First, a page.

Brand Fan Clubs


By web gangsta | Published:

Michael Jones at the terrific business-oriented ALL THINGS DISNEY blog posed this question as he asked about GIVING DISNEY’S D23 MEMBERSHIP CLUB A CHANCE:   Can you name another company (besides Apple) that has a large a following as Disney and yet has no official outlet?

Disney has a large and rabid online fanbase.  No doubt about it.  Other companies do as well.

And in today’s world of TwitMyFace social marketing, any company that has a large and vocal fan base should be aware enough of their surroundings to monitor the online goings-on of their consumers.   In 2000, Coca-Cola issues a cease-and-desist order to a fan who had created a fan website, vintagecocacola.com (the site is currently down).   The claim was that the user was cybersquatting on Coca-Cola’s trademark, but ignores that there can exceptions if the trademarked name is not used for profit (as is the case with most fan-based sites).  Coca-Cola’s stance was that they were merely protecting their trademark… though they recognize that in doing so they may upset their most loyal, well-meaning fans.

Fast-forward to this month where Coca-Cola embraced a fan’s use of Facebook in celebrating the Coca-Cola brand and lifestyle. It turns out that the 2nd most popular fan page on Facebook, after Barack Obama, is one for Coke. 

And it wasn’t started by the company, but by a fan.

And due to the same copyright issues that were seen in 2000, Facebook contacted Coca-Cola and asked what they wanted to do with the page.  Nine years can make a big difference — Coca-Cola proposed that the page creators can continue their page, but asked that they be involved a little bit in the process. 

Like Coca-Cola or Disney, TiVo is another company that has a rabidly loyal fanbase.  Their fans started up their own support and information site, TiVo Community (displaying a “This site is not part of TiVo, Inc” message), that became so large and influential in disseminating TiVo information to new users that TiVo has a link to the site prominently displayed on their own help pages on TiVo.com.  In this instance, it was a case of “if you can’t beat ’em, join ’em”…and along the way, created goodwill amongst the users.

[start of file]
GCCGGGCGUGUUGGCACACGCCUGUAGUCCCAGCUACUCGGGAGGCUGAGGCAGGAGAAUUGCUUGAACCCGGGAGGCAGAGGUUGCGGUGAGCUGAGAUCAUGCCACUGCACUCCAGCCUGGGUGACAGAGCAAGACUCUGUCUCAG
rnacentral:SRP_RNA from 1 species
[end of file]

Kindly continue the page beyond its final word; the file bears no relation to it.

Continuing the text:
And even when a company fully embraces a fan community, sometimes the company has to cut the cord on their own participation in it, as Apple did when they pulled out of MacWorld.

So to ask about why Disney doesn’t have an official outlet isn’t really the question, as they’ve had various forms of membership clubs before (some would argue that the theme parks themselves act as a glorified fan clubhouse, based on how some blogs have described how the Annual Pass users treat Disneyland). 

The better question is why does Disney keep changing course with regards to how they treat their loyal fans:  cancelling the Mickey Mouse Club TV show, Disney Magazine, or Disney Catalog are just three examples of removing something that the fanbase had collectively embraced without replacing them with something of equal expected value. 

The answer may be in D23 and using it as a community builder – getting back to the roots of figuratively gathering everyone again in front of the TV every afternoon with their Mouse Ears (perhaps with their glass of Carnation Instant Chocolate Drink, or tube of Ipana toothpaste as well) to watch “Anything Can Happen” day. 

Because when it comes to D23 as it exists right now – Anything CAN Happen.   We may just have to wait a little longer to see it.

But that’s okay, I have my Mouse Ears ready.